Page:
Crab Project #1: CompTraX – The Pharma Company Profiling Tool
The tool in action
During the early phase of my career as an analyst, I used to make a lot of company profiles. These profiles served a multitude of purpose. They were used by:
- Marketing and sales department in Pharma companies to keep a track of their competitors
- Business development managers to evaluate licensing opportunities
- Investment banks to evaluate investment option
- M&A consultants to boil down on companies of interest
- Procurement department to evaluate suppliers
- And many more…
Though the profiles made for each of the above mentioned purpose varied by the need of the project, almost all of them had the following sections in common:
- An overview—gives a brief description of the company
- Financial details—revenue, profit, R&D expenditure, geographical break-up of revenue, revenue from key molecules, etc
- Key pipeline molecules—details on key molecules and phase of development
- Recent development—mergers, acquisition, in-licensing deals, drug approvals, legal issues, etc
Most of these profiles are sent out either as an MS PowerPoint or MS Excel deliverable. The MS PowerPoint deliverable would have a deck of 10-50 slides and MS Excel deliverable would usually have a single sheet with many rows and columns of data. While the PowerPoint slides get really bulky at times, the Excel deliverables usually become too boring—especially if one is tracking 30-40 companies regularly.
Aim of this project
The aim of this project is to show our viewers how to build a robust dashboard/tool that will make company profiling easier and interesting. I intend to do this in 4 phases:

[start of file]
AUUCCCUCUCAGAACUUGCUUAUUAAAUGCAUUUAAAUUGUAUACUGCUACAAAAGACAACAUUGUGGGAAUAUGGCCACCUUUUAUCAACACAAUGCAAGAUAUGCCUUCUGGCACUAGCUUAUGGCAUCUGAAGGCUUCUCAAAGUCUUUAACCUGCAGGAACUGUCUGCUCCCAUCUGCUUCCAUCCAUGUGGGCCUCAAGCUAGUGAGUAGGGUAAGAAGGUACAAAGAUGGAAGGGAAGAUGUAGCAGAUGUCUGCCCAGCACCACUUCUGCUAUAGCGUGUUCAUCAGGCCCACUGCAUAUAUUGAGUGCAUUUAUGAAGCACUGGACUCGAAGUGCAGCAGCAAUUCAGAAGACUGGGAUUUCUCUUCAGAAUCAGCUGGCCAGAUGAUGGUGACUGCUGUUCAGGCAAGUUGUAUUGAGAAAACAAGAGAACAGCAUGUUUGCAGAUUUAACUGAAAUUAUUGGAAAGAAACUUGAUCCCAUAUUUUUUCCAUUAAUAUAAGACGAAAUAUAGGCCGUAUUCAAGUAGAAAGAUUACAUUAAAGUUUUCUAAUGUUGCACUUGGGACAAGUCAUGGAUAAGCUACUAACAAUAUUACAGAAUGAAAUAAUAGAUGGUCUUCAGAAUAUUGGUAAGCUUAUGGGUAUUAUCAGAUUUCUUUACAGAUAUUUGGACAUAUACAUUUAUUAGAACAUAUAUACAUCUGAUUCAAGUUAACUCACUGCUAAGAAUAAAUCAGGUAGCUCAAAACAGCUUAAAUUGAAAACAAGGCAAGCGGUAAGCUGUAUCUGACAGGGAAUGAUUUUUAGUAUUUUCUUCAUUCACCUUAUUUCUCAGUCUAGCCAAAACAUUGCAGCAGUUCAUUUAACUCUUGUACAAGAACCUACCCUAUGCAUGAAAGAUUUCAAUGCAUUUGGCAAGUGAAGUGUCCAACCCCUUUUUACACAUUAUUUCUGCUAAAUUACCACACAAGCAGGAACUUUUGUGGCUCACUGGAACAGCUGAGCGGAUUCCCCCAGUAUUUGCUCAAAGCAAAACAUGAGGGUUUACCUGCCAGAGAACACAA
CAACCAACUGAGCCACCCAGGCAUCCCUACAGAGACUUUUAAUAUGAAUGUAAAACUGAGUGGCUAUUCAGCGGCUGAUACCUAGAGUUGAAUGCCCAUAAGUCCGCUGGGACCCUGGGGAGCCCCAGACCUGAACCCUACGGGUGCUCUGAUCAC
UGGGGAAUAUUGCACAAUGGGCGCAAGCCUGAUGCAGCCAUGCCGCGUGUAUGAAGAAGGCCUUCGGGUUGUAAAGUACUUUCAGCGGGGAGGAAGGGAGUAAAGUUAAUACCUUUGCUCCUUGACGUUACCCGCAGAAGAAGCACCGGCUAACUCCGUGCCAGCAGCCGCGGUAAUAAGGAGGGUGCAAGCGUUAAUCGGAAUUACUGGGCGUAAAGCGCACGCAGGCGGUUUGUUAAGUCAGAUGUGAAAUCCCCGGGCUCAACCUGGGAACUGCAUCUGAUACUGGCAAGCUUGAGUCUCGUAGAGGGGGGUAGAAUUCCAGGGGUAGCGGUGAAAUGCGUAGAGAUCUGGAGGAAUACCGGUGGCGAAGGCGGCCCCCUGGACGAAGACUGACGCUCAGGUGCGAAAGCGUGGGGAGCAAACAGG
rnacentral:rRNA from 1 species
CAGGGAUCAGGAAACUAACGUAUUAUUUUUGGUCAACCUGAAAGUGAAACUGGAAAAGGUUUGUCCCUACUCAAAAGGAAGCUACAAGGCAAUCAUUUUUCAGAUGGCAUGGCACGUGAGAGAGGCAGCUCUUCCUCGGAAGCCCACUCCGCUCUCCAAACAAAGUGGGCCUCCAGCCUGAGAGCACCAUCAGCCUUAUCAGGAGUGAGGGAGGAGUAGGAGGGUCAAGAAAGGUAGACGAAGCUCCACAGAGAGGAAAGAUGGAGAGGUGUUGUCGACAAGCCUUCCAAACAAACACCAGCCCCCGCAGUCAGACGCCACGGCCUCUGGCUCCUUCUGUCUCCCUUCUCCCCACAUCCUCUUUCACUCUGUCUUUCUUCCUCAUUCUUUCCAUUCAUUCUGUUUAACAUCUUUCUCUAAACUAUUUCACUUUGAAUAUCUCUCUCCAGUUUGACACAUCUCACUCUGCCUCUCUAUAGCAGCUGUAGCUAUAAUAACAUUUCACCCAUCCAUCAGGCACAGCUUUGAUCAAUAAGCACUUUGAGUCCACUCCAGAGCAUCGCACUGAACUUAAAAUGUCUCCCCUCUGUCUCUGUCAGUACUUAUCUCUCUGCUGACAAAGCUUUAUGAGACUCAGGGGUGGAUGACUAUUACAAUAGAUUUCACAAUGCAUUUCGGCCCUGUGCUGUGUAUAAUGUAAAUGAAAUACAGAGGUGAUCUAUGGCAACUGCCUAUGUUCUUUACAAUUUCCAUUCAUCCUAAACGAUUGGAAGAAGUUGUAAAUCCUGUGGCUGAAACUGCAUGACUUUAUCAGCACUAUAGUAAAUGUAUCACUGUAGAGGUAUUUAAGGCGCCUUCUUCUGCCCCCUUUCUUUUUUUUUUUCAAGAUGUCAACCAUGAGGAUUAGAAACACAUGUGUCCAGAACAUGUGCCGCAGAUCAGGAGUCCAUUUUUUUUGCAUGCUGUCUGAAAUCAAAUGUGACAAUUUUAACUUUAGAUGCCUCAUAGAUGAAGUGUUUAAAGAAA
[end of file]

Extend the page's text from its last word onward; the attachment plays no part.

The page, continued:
Phase I: Make a simple dashboard—will keep it really simple here; just formulas and some nice visualization
Phase II: Jazz it a bit and add utilities by using some VBA (simple one; not too complex)
Phase III: Use some Excel to PowerPoint automation (this is going to be real fun; trust me)
Phase IV: Take automation to the next level –when we reach there we expect to deliver a true utility
Since this may not be a turn-key solution for all the profiling needs, I will try to explain all the steps involved in tool creation in as much detail as possible. So, it will not only be easier for everybody to follow but will also make sure that everyone understands the technology and technique behind it—then one can easily make minor changes to the tool to fit their need.
As promised, I am posting the first version of the Microsoft Excel-based company profiling tool—CompTrax. You can download it by clicking here.
Now let’s discuss the details. I have made the tool in-line with our earlier discussion (about the key fields in any company profiling request). So let’s start with the interface.
I have kept it really simple—all one needs to do is select a company from the drop-down box on the right-hand-side top corner and everything changes accordingly. There are four main sections to this dashboard 1) company overview 2) recent news 3) pipeline molecules details and 4) financial details
Overall the dashboard follows a three sheet structure. The display sheet is where the user makes the request (the drop-down), the processing sheet is where all of the relevant data is fetched by simply using formulas, and the database sheet is where I have placed all the company specific data. I have put the data for only three companies here, but you can increase it to any number you want—the tool is completely flexible on that front.
While the display and the database sheet would need inputs from the user, I would ideally hide the processing sheet, if I were to send it to someone—unwanted changes here would result in tool malfunction.
So, this is how the tool works:
Ok, let’s list down the different formulas, objects and tricks that I have used for this tool:
- Formulas : CHAR, OFFSET, IFERROR, MID, FIND, LEN, SUBSTITUTE,